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natives on the farm and around the household. His manager, Mr Kemp, was away on his business trip and we missed meeting him during our short stay. We put Mr McDougall in the picture about our dilemma – the true


picture. We simply had to risk telling him the facts and confiding in him the details of the ploy we had adopted in the hope of concealing them from our RAF masters. Fortunately he was most understanding. He realised the mess we would be in if the truth came out and no pressure was needed to get him to agree to keep quiet about the morning’s events and, indeed, to back up our story if the need arose. We went to bed in our rondavels rather easier in mind than we had expected. We awoke the following morning to a breakfast of bacon and eggs and coffee, and hung around to see what was going to appear in the sky to rescue us. Quite early in the morning two Harvards were spotted which landed safely on the strip, although we who had stayed overnight and worked so hard to clear the strip beyond the rutted track were chagrined to see them land on the half we had failed to touch. But they were safe, and Wilcox had flown down in one, complete with an LAC mechanic, a spare tailwheel and main wheel and tyre which, to allow it to be squeezed into the Harvard locker, was deflated. The other Harvard had two instructors in it, together with a jack and one or two tools needed to replace the damaged wheels and a car type pump to blow up the deflated tyre.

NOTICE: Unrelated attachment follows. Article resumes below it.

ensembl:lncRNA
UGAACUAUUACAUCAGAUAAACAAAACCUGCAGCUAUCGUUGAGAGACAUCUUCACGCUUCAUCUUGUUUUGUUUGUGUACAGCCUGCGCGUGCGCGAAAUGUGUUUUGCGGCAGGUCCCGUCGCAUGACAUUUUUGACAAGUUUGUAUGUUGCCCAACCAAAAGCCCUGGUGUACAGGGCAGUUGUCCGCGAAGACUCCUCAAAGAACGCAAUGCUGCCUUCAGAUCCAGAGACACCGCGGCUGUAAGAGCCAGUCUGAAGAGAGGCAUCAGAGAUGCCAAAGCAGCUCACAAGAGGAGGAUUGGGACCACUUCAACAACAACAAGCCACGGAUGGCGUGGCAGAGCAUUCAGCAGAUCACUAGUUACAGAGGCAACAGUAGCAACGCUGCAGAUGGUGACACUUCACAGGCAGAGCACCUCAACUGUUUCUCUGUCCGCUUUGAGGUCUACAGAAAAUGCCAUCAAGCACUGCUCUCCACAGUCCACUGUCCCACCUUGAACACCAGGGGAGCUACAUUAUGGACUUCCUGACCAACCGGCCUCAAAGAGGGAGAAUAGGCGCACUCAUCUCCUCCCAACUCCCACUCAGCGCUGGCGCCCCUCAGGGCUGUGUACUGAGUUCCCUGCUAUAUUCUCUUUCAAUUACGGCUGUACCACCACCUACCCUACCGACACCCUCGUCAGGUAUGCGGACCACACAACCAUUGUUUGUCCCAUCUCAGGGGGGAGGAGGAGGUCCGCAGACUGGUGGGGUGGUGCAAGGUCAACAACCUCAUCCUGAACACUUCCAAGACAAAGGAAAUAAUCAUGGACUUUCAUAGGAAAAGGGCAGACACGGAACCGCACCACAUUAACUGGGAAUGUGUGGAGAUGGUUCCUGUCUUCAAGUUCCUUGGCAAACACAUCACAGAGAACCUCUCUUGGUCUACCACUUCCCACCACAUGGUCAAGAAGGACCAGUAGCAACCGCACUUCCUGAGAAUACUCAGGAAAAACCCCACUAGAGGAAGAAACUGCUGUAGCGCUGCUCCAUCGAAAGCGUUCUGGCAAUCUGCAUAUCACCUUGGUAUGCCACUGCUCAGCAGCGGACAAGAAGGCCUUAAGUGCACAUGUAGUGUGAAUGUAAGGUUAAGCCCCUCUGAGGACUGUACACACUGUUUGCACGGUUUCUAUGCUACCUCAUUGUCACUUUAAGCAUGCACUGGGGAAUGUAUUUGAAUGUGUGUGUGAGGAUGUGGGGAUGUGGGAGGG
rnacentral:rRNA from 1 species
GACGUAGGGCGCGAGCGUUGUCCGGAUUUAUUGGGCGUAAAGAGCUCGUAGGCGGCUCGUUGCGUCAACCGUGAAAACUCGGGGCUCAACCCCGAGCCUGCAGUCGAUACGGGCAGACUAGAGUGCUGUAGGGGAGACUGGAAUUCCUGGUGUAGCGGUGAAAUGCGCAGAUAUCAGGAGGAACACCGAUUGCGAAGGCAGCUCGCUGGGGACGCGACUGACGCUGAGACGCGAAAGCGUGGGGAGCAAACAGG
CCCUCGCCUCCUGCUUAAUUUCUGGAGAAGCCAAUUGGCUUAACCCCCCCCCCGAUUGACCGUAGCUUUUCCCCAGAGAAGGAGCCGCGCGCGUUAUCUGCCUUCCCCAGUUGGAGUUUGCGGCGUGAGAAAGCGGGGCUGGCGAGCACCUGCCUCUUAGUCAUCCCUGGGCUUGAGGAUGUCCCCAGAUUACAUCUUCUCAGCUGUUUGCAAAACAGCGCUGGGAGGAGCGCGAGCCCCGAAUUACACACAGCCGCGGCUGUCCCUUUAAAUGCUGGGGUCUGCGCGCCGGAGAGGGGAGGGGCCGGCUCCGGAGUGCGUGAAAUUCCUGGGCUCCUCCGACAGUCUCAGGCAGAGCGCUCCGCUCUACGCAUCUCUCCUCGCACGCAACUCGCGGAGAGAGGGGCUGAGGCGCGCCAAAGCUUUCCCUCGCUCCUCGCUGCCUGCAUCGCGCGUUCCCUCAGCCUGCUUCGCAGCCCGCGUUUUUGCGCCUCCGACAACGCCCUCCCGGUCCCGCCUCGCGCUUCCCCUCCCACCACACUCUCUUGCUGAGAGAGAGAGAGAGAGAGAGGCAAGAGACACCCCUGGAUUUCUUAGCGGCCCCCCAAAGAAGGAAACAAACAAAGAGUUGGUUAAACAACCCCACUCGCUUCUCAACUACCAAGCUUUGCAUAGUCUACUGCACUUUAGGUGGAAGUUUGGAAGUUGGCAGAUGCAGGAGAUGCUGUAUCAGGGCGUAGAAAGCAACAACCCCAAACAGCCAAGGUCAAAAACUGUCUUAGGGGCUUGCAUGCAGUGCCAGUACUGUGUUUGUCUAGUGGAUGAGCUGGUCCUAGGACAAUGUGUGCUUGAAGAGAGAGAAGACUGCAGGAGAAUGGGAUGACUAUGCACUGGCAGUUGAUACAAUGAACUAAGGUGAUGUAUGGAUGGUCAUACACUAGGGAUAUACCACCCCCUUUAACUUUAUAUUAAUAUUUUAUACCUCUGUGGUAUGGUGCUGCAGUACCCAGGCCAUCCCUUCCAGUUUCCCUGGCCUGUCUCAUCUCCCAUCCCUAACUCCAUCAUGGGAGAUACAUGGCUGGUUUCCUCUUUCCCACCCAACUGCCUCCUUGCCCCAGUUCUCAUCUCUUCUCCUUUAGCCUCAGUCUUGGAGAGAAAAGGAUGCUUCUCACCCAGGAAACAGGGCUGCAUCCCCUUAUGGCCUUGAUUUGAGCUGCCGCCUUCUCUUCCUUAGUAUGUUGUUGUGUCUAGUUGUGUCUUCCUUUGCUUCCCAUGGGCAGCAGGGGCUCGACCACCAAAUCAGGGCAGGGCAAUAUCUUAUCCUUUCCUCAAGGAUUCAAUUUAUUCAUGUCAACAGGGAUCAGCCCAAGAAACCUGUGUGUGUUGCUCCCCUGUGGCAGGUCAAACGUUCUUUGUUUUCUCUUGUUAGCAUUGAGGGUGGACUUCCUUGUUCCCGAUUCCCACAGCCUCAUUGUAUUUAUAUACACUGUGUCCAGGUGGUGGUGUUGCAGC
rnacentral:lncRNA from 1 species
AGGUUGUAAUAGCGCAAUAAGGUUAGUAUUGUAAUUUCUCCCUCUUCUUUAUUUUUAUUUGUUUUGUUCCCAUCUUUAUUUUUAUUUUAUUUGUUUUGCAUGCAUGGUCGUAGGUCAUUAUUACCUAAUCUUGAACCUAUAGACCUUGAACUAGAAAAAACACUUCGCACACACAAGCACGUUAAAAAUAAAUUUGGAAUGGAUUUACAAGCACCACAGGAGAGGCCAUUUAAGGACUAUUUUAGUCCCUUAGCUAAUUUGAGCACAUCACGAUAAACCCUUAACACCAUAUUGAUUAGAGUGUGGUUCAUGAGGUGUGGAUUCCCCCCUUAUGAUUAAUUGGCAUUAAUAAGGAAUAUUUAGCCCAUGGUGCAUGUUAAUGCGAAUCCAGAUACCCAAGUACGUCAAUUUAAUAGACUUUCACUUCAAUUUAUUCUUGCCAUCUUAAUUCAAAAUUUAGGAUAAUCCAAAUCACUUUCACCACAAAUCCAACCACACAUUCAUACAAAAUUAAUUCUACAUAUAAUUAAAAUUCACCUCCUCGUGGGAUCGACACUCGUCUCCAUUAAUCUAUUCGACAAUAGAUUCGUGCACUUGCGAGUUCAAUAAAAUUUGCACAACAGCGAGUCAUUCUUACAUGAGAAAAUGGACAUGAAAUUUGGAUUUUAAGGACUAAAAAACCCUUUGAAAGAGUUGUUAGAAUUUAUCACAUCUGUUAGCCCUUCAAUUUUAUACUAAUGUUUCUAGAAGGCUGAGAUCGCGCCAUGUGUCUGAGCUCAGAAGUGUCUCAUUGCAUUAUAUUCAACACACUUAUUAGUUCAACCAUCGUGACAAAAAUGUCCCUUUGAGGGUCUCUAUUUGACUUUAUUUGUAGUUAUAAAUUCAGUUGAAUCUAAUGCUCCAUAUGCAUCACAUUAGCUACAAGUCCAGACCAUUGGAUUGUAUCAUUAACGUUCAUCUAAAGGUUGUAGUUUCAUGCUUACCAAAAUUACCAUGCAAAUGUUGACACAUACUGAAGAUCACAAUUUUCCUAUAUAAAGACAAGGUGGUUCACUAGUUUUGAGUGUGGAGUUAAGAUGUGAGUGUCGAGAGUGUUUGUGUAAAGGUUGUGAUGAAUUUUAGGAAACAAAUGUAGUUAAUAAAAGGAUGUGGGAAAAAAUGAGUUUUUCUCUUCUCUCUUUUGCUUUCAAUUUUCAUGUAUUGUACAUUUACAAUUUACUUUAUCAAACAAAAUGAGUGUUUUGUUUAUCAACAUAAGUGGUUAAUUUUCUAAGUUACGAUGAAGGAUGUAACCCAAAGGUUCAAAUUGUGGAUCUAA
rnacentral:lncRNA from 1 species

I was anxious to find out what had happened when Wilcox and Gaudioz


had appeared back at Thornhill the previous afternoon. It transpired that all had gone far better than we could have hoped, in so far as Gaudioz had played his part to perfection and had found no difficulty at all in looking genuinely sick. He had been examined by our Station medico, S/Ldr Kelly, and packed straight off to the Gwelo Hospital for a through exploration of his trouble. So far, so good.


Between us all, we now managed to jack up the two damaged Harvards


and get their wheels in place. Blowing up the deflated tyre of the main wheel was quite a task with a small car hand pump, but we need not have worried, for the black children of the farm’s native workers had streamed down to the airstrip, excited to get their first ever view at close quarters of something they had previously seen only in the sky. They queued up to take turns at the handpump and the tyre was up to pressure in no time at all. We now had four serviceable Harvards, four instructors plus three pupils and the airman mechanic to get back to the Station, so I flew back with Larcombe, Wilcox with his own pupil, one instructor colleague with the airman, the other instructor with pupil Bagley. I had to see the CFI, S/Ldr ‘Goody’ Heal on my return, and I managed to keep a straight face as I told the same crooked story as the others. But he obviously smelt a rat and decided he would like to make the acquaintance of Triangle Ranch and Mr McDougall for himself. I flew him down to the airstrip


73


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